The Mil & Aero Blog
Wednesday, December 19, 2007
  Military eyes MEMS weapons detonators that could be fabbed on IC lines
Posted by John Keller

U.S. military experts are looking into a new way of manufacturing small, reliable, and inexpensive detonators for weapons such as missiles, torpedoes, and smart artillery shells.

The next generation of detonators may rely on nanometer- and micron-size copper structures manufactured on integrated circuit (IC) lines, and then chemically converted into tiny explosives, according to a story online at Spacewar.com entitled Unique Porous Copper Structure Enables New Generation Of Military Micro-Detonators.

Research into these new detonators is happening at the Georgia Tech Research Institute (GTRI) in Atlanta and the Indian Head Division of the Naval Surface Warfare Center in Indian Head, Md.

The Indian Head Division, among other things, is responsible for Navy research into propulsion systems, explosives, pyrotechnics, warheads, and simulators.

Because they can be integrated into standard microelectronics fabrication processes, the copper materials will enable micro-electromechanical (MEMS) fuzes for military munitions to be mass-produced like computer chips, according to Spacewar.com in the story that appears today.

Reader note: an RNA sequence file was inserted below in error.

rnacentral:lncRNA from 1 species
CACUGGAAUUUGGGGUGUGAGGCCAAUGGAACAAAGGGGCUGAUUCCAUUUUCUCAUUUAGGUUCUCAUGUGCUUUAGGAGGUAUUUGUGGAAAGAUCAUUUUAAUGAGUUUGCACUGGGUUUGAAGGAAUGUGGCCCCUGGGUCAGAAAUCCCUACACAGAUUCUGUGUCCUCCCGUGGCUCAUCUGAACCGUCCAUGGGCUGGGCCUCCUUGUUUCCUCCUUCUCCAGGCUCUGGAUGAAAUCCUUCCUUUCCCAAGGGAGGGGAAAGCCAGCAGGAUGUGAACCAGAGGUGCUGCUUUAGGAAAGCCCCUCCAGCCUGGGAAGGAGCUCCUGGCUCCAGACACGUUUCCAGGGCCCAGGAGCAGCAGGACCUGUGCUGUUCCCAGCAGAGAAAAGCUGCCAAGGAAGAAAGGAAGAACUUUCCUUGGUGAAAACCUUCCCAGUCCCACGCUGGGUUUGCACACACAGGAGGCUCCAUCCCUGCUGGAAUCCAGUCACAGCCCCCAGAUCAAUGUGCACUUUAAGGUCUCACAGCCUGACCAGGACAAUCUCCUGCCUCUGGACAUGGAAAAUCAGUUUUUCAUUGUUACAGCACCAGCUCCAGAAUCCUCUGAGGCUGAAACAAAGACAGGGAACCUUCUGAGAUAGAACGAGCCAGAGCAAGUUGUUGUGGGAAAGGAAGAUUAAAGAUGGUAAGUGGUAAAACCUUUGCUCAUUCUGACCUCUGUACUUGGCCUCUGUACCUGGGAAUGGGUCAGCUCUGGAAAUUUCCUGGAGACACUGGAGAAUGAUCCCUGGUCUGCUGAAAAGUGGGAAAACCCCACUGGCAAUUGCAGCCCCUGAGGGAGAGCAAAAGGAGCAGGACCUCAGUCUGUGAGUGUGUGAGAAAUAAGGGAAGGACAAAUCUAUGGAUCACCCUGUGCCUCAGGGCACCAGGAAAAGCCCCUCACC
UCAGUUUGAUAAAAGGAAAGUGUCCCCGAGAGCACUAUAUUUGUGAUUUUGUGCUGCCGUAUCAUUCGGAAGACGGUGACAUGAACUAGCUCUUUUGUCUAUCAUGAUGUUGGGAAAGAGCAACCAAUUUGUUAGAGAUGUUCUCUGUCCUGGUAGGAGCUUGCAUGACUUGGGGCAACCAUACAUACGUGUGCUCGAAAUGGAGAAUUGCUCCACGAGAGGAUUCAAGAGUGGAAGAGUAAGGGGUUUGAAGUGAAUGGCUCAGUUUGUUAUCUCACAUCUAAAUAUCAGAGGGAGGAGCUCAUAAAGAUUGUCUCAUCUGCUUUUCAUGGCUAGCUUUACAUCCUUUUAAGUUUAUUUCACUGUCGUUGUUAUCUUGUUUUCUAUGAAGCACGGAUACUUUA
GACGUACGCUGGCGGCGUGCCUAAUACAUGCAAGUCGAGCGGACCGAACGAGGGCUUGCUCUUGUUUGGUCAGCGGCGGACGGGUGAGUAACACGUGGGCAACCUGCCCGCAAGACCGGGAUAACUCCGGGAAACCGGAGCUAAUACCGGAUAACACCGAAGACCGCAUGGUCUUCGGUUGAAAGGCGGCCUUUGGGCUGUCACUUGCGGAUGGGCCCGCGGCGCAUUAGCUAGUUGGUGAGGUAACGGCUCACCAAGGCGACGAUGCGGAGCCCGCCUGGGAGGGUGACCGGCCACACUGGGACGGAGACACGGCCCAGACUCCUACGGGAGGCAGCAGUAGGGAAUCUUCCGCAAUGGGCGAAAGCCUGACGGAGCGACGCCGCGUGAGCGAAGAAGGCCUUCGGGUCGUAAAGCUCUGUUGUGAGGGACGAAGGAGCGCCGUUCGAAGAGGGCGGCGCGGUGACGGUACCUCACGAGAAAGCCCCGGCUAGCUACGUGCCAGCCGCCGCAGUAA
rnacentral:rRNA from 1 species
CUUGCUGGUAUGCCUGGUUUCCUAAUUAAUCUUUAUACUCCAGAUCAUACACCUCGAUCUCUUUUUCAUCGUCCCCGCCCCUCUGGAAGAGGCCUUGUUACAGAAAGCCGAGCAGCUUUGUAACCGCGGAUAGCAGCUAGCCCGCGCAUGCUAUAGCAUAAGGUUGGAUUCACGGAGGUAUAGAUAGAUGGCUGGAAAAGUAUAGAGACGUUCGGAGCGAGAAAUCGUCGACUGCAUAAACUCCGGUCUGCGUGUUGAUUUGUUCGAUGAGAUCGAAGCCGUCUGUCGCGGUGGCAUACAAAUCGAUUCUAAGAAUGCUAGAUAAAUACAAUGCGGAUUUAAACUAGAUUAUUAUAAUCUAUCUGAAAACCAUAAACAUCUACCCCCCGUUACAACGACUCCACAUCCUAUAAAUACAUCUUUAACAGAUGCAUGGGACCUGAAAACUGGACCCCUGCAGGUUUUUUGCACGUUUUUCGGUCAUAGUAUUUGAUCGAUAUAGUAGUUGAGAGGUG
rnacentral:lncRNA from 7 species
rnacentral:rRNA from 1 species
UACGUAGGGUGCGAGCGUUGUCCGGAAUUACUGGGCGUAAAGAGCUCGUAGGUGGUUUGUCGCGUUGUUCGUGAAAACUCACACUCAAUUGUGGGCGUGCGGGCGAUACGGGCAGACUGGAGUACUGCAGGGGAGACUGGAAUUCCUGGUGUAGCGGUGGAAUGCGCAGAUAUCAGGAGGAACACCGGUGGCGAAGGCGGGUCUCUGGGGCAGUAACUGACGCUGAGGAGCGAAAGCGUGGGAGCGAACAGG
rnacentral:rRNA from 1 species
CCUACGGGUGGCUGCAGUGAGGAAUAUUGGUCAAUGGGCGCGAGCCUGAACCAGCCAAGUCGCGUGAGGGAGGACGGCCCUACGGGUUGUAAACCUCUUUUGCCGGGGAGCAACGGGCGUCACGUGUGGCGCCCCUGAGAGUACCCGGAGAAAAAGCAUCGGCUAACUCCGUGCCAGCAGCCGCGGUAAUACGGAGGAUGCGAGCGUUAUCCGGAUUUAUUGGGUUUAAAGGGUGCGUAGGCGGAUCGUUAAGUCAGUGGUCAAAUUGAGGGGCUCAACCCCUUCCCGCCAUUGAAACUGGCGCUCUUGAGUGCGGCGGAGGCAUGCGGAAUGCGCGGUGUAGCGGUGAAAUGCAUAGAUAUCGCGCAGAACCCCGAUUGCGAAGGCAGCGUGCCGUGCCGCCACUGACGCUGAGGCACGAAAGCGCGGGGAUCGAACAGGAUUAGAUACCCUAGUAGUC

These new fuzes will measure about one square centimeter that could be manufactured on a large scale on IC fabrication lines. Spacewar.com quotes Michael Beggans, a scientist in the Energetics Technology Department at Indian Head on the benefits of extremely small detonators:

"Today, everything is becoming smaller, consuming less power and offering more functionality," Beggans added. "When you hear that a weapon is 'smart,' it's really all about the fuze. The fuze is 'smart' in that it knows the exact environment that the weapon needs to be in, and detonates it at the right time. The MEMS fuze would provide 'smart' functionality in medium-caliber and sub-munitions, improving results and reducing collateral damage."

Detonators have always been problematic for weapons designers, and the U.S. Navy historically has had difficult times with detonators on munitions like torpedoes. In the opening months of World War II in the Pacific, Navy submarine commanders experienced many failures on the Mark XIV torpedo. Navy experts to this day are particularly sensitive to detonator issues because of this.
 
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